As shown on the screenshot above, Passware Kit Forensic displays both the Encryption/Recovery key and Startup key (file) protectors, as well as creates a decrypted copy of the volume.
To summarize, if the memory image contains the VMK, the volume gets decrypted, regardless of the protector type used to encrypt the volume. By extracting this VMK, it is also possible to recover the protectors (Recovery Key and Startup Key).
However, if the memory image does not contain the VMK (the volume was not mounted during the live memory acquisition, the hibernation file had been overwritten, etc.), it is only possible to decrypt the volume with the Password protector, i.e. to recover the original password (using brute-force or dictionary attacks).
The password recovery process is time-consuming and depends on the password complexity, any knowledge about the password, and your hardware resources available for password recovery, such as GPUs and availability of distributed computing. As a result, the recovered original password can be used to mount the BitLocker volume.
For some volumes, Password might not be among protectors used and the volume might be protected with other protectors (e.g. Startup key or TPM + PIN). In this case it is impossible to decrypt the volume without a memory image acquired while the volume was mounted or a hibernation file, which contains the VMK.
* It is important to acquire a live memory image correctly in order to preserve residing encryption keys. A warm boot can be performed using a Windows Secure Boot compatible Linux distributive, such as Passware Bootable Memory Imager available in Passware Kit Forensic.
Hi Yana, you mention in this article that 'When Windows displays a standard Windows user login screen, this means that the system BitLocker volume is mounted and the VMK resides in memory. Once a live memory image has been created *, it is possible to use Passware Kit to extract the VMK and decrypt the volume'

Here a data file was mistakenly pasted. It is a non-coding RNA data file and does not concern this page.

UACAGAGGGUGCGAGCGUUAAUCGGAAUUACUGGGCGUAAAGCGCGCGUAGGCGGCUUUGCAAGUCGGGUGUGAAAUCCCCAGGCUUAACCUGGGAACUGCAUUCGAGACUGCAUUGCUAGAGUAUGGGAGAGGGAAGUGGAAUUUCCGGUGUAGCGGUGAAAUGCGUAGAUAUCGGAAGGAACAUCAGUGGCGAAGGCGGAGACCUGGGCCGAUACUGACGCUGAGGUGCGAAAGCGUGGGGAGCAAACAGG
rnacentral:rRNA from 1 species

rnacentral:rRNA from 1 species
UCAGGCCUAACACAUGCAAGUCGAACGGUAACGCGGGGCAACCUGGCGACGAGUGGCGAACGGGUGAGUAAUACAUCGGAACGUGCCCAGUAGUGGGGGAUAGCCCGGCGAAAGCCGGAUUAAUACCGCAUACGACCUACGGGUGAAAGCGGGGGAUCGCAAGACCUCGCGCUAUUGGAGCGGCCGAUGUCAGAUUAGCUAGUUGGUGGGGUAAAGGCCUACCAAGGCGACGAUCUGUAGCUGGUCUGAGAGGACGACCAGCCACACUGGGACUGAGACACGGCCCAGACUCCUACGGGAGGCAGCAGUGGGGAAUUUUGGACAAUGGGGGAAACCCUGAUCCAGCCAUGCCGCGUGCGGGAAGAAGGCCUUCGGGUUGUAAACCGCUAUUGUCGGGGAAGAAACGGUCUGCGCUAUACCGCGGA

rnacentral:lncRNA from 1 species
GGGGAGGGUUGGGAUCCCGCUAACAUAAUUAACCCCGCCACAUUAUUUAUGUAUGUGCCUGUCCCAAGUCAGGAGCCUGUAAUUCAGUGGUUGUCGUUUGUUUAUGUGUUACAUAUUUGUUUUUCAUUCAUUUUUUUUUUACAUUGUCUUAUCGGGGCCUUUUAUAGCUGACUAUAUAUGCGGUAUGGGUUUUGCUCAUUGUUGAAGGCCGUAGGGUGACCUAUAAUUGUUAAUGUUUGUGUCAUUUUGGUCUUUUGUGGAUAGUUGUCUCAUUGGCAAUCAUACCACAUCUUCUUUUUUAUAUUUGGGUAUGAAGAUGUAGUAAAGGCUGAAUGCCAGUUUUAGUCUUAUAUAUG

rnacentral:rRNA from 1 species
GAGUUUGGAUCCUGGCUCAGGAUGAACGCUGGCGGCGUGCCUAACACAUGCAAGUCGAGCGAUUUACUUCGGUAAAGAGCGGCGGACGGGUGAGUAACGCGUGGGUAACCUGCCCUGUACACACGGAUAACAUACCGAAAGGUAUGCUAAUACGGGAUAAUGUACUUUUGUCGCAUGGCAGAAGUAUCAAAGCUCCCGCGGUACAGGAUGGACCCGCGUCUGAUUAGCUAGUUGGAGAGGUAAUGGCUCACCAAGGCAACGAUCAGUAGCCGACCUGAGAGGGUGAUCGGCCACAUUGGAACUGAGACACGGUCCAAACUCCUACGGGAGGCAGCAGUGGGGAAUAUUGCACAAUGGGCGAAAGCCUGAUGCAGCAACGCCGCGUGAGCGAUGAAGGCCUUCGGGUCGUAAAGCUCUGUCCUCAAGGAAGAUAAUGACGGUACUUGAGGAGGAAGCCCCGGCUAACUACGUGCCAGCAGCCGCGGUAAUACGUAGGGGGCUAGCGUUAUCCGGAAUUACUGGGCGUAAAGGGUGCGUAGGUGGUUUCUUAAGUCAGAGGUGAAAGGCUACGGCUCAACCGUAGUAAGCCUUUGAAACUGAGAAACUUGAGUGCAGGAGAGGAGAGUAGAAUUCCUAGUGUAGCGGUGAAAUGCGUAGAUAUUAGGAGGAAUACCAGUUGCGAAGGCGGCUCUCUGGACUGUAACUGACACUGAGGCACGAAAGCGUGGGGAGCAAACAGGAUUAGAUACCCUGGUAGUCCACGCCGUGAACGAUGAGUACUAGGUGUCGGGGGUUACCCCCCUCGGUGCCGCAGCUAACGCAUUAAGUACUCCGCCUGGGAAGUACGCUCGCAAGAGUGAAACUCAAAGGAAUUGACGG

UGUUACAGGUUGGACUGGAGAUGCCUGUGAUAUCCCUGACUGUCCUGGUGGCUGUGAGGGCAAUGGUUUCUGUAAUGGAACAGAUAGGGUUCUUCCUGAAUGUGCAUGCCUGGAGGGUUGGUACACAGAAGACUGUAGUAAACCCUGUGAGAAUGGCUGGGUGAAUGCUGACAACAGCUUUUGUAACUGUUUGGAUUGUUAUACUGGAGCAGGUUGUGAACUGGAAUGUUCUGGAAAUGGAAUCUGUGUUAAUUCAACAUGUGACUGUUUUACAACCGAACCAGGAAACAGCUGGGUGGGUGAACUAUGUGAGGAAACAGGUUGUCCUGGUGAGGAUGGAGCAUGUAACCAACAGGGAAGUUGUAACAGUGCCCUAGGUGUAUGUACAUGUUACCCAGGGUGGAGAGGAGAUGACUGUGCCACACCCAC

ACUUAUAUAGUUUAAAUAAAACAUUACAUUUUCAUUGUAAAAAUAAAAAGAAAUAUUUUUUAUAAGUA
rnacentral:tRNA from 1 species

You are implying here that a RAM capture/live memory image can occur from the login screen with the tools suggested, however this does not seem to be the case. You need to have the login password/PIN in this case to extract the VMK from the RAM Capture so that you can run a RAM Capture tool executable from a USB.
Please do let me know if you know of any tools that have the ability to capture RAM from a locked screen.
Dear Lars Lincoln
We have explored your request with our Research team and have updated the note as follows:
It is important to acquire a live memory image correctly in order to preserve residing encryption keys. A warm boot can be performed using a Windows Secure Boot compatible Linux distributive.
I hope this answers your question.
How reliable is the Passware Bootable Memory Imager on a system with a BitLocker-enabled boot drive? I am surprised that the keys reside in memory and are not wiped from RAM. It looks to me that unless the following registry key is set: https://docs.microsoft.com/en-us/mem/configmgr/protect/tech-ref/bitlocker/settings#prevent-memory-overwrite-on-restart, the method would not be successful, as the system will wipe memory on restart. Best wishes.
Adam Walker we had many successful cases, but it is important to note that this is possible only in case of reboot made with hardware button. Any reboot performed via the software option will most likely erase the keys from the memory.